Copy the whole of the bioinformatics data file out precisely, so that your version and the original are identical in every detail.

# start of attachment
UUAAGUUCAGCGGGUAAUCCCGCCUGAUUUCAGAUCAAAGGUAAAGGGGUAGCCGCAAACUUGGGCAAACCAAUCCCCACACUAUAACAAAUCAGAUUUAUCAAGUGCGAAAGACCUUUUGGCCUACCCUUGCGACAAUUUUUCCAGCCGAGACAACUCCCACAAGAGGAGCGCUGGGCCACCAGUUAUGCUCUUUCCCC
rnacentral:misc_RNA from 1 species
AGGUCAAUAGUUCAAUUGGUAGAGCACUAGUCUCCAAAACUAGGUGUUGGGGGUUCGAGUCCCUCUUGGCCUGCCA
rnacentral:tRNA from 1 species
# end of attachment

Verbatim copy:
UUAAGUUCAGCGGGUAAUCCCGCCUGAUUUCAGAUCAAAGGUAAAGGGGUAGCCGCAAACUUGGGCAAACCAAUCCCCACACUAUAACAAAUCAGAUUUAUCAAGUGCGAAAGACCUUUUGGCCUACCCUUGCGACAAUUUUUCCAGCCGAGACAACUCCCACAAGAGGAGCGCUGGGCCACCAGUUAUGCUCUUUCCCC
rnacentral:misc_RNA from 1 species
AGGUCAAUAGUUCAAUUGGUAGAGCACUAGUCUCCAAAACUAGGUGUUGGGGGUUCGAGUCCCUCUUGGCCUGCCA
rnacentral:tRNA from 1 species